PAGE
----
The Art & Soul of Greensboro

like his brother, I mean him. It was actually a bit spooky to confirm the old wives’ tale that everyone has a doppelgänger, and that mine was Donald Ross. The magazine soon became part of the pile, but every now and then I would dig it out, just to see if the resemblance was still as unmistakable. It was. Then, a few months later, I happened to be doing a story on my friend Dave Wright, who had mounted a one-man show portraying the late comedian Brother Dave Gardner, when that same colleague offered, “You could do that with Donald Ross.” Not ready to launch an acting career at this stage of life, I did, however, do the next best thing. As any golfing Gate Cityan would know, Ross designed the layout at Sedgefield Country Club, home of the Wyndham Championship. I approached tournament director Mark Brazil, who, fortunately, was already a friend, about portraying Ross at the tourney, hoping to add a little more atmosphere to an already-collegial event. Brazil gave the idea his blessing, which was my cue to start putting together a wardrobe of vintage clothing. And that turned out to be the moment when the character started taking on a life of its own. Already having a bit of a sartorial streak, especially with regard to neckwear, now I had a purpose to my impulsive clothes shopping. What started out as two rented, three-piece, wool, tweed suits from a costume shop has August 2013

O.Henry 41

The Evolving Species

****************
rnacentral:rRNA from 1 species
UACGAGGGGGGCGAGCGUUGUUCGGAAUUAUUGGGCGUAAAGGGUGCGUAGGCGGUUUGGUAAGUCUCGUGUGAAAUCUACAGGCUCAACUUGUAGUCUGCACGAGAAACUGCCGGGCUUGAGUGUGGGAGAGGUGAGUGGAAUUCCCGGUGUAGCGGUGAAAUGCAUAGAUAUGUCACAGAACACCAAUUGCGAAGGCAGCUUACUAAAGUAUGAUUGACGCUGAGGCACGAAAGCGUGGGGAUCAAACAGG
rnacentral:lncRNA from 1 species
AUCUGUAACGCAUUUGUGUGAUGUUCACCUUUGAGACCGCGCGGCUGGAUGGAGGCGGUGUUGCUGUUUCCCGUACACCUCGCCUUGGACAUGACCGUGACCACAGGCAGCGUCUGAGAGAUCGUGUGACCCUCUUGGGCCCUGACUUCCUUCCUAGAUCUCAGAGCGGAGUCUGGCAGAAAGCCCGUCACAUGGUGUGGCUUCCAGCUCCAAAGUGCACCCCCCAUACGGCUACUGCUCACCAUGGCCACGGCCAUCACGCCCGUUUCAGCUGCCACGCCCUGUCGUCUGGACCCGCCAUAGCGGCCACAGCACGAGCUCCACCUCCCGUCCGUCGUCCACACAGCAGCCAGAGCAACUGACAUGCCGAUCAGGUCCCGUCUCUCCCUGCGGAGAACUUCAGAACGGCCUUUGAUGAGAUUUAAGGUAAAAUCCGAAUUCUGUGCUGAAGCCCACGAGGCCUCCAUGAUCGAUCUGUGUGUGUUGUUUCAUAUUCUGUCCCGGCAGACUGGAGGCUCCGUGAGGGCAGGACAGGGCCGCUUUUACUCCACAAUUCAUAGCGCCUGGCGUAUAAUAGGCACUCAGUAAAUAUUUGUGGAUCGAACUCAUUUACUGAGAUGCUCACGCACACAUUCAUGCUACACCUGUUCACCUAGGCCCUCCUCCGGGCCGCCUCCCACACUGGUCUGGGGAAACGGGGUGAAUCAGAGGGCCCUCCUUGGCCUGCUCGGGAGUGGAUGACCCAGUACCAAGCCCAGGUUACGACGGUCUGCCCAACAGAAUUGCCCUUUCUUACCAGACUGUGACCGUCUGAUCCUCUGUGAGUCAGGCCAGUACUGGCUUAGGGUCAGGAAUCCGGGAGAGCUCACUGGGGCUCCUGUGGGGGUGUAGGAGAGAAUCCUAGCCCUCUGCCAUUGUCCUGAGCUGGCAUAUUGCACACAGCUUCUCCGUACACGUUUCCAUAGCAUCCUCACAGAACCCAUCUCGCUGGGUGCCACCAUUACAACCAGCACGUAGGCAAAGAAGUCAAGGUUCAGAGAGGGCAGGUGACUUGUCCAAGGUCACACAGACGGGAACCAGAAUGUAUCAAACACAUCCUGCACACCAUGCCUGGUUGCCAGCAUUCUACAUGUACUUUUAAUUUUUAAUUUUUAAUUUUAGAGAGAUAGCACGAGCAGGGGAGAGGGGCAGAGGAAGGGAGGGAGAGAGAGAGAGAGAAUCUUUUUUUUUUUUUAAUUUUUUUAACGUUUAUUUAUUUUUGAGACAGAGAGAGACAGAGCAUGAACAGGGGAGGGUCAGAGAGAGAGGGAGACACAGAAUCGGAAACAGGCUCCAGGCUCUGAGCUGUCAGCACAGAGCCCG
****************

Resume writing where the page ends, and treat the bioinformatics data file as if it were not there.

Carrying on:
now mushroomed into an entire closet — The Donald Ross Closet, if you will — of knickers, double-breasted sport coats, retro neckties, round-collar dress shirts, lapelled vests, snapbrim balloon hats, two-toned wingtips, argyle socks, round-rimmed glasses and a watch fob. I have become personal friends with every vintage clothing storeowner in Greensboro and a couple in Winston-Salem, even to the point of getting tipped off when a new item comes in that I might need. Mitchell’s Clothing ordered me a pair of shoes without my asking, because he knew I’d want them. Miller’s Clothing sent me an email when a new line of snap-brim hats came in. Kit Rodenbough at Design Archives is now custommaking knickers for me and selling argyle socks with me in mind. Yes, I now wear knickers and garish, 4-inch wide ties and snap-brim hats for no apparent reason. Friends, who heretofore had indulged my necktie fetish, are starting to worry. But there’s more. Last year I added a Mrs. Donald Ross character, who, attired in full Gatsby flapper attire and drop-dead gorgeous, attracted far more attention than her hubby. I’ve also become the official starter for an annual charity tournament at Bryan Park. I’ve been written up by three newspapers, by far the best of which was a piece in The Pilot in Southern Pines by our own Jim Schlosser. And I almost got some national face time on the Golf Channel, thanks to my old pal, anchor Rich Lerner, but just when he had a few moments to kill, who walks into the booth overlooking No. 18 but Wyndham Worldwide CEO Stephen Holmes, who naturally got the slot. Now, here’s where I fear I may be going off the deep end. This year I’ve rented a 1929 Chevy and, pending Brazil’s approval, on pro-am day Mrs. Ross and I will be chauffeured to the Sedgefield clubhouse, where I’ll unroll my blueprints and survey my creation, then maybe pull out a hickory-shafted niblick and loft one. A videographer and still photographer will be there, and no doubt the local TV stations will be alerted. It will be great hype for the tourney. Next year, however, is when I could cross over into Kardashian Land, that place where folks are celebrities for no reason whatsoever. It so happens that both the men’s and women’s U.S. Open will be played where else but Pinehurst No. 2. Surely Ross’ most famous creation needs his doppelgänger to be there roaming the layout, glad-handing fans, posing for pictures, and creating good will, right? Maybe I could even bring Elvis with me. OH Ogi Overman has been a reporter, columnist and editor for a number of Triad publications since 1984. He is currently compiling a book of his columns, to be titled A Doughnut and a Dream. The Art & Soul of Greensboro